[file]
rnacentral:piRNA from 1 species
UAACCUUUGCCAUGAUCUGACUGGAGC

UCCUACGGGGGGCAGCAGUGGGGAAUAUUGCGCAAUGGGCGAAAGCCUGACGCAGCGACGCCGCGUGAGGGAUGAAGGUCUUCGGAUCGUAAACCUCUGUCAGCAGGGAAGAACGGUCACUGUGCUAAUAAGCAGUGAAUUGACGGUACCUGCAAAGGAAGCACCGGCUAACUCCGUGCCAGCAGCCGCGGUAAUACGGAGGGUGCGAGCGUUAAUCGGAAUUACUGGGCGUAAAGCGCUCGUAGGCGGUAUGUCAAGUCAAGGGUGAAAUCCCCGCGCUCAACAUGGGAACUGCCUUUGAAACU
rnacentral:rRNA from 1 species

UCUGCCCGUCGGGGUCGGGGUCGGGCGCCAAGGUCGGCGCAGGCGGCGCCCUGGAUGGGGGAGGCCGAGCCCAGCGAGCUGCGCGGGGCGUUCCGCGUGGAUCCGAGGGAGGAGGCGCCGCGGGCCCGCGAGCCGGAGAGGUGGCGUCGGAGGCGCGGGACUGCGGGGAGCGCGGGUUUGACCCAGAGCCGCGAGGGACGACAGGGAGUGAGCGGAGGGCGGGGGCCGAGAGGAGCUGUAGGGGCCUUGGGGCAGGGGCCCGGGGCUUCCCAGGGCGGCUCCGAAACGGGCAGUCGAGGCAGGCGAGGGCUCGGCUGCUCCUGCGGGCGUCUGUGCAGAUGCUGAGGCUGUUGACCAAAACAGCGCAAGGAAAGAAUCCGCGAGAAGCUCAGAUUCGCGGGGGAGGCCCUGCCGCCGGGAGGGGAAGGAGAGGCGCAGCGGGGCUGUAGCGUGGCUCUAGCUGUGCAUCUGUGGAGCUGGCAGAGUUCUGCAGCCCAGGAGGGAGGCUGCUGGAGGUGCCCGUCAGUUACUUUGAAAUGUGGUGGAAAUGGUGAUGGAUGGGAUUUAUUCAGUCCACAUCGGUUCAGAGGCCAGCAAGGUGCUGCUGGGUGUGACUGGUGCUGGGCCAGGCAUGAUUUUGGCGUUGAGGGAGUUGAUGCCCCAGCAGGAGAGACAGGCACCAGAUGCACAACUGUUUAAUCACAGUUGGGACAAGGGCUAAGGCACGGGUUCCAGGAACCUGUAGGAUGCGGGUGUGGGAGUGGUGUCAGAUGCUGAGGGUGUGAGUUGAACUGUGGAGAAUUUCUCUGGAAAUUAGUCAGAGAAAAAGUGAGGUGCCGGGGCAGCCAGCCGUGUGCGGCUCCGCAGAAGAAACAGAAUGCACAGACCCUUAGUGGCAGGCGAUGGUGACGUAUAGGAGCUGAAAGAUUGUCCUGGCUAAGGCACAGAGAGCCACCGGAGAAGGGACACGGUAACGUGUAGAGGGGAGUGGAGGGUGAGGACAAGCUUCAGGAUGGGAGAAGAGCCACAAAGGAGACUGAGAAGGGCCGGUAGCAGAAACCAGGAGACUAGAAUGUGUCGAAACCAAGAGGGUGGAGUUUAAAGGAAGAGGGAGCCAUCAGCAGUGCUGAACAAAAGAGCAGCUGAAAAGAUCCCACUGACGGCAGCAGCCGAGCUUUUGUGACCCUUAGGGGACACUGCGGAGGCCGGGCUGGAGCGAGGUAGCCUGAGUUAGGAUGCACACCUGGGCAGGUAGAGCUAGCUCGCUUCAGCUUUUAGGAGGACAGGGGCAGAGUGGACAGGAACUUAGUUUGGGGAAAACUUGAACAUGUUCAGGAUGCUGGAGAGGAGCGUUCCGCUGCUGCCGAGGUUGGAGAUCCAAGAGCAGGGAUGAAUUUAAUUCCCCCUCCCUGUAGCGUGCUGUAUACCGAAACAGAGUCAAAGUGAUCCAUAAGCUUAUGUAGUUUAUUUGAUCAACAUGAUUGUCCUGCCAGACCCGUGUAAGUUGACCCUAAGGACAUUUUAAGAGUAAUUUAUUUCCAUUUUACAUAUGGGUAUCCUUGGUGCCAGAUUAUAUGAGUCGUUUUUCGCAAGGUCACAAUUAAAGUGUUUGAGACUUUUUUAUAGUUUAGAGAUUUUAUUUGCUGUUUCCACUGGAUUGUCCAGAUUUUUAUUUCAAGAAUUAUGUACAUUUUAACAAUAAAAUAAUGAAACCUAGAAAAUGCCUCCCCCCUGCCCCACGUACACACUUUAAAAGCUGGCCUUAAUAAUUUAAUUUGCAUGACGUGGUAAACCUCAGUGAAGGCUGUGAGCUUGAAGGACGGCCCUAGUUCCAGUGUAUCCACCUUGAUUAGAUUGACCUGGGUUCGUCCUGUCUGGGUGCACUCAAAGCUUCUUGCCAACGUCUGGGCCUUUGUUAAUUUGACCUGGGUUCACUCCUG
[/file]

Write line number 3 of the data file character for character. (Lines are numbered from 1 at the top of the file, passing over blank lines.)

UCCUACGGGGGGCAGCAGUGGGGAAUAUUGCGCAAUGGGCGAAAGCCUGACGCAGCGACGCCGCGUGAGGGAUGAAGGUCUUCGGAUCGUAAACCUCUGUCAGCAGGGAAGAACGGUCACUGUGCUAAUAAGCAGUGAAUUGACGGUACCUGCAAAGGAAGCACCGGCUAACUCCGUGCCAGCAGCCGCGGUAAUACGGAGGGUGCGAGCGUUAAUCGGAAUUACUGGGCGUAAAGCGCUCGUAGGCGGUAUGUCAAGUCAAGGGUGAAAUCCCCGCGCUCAACAUGGGAACUGCCUUUGAAACU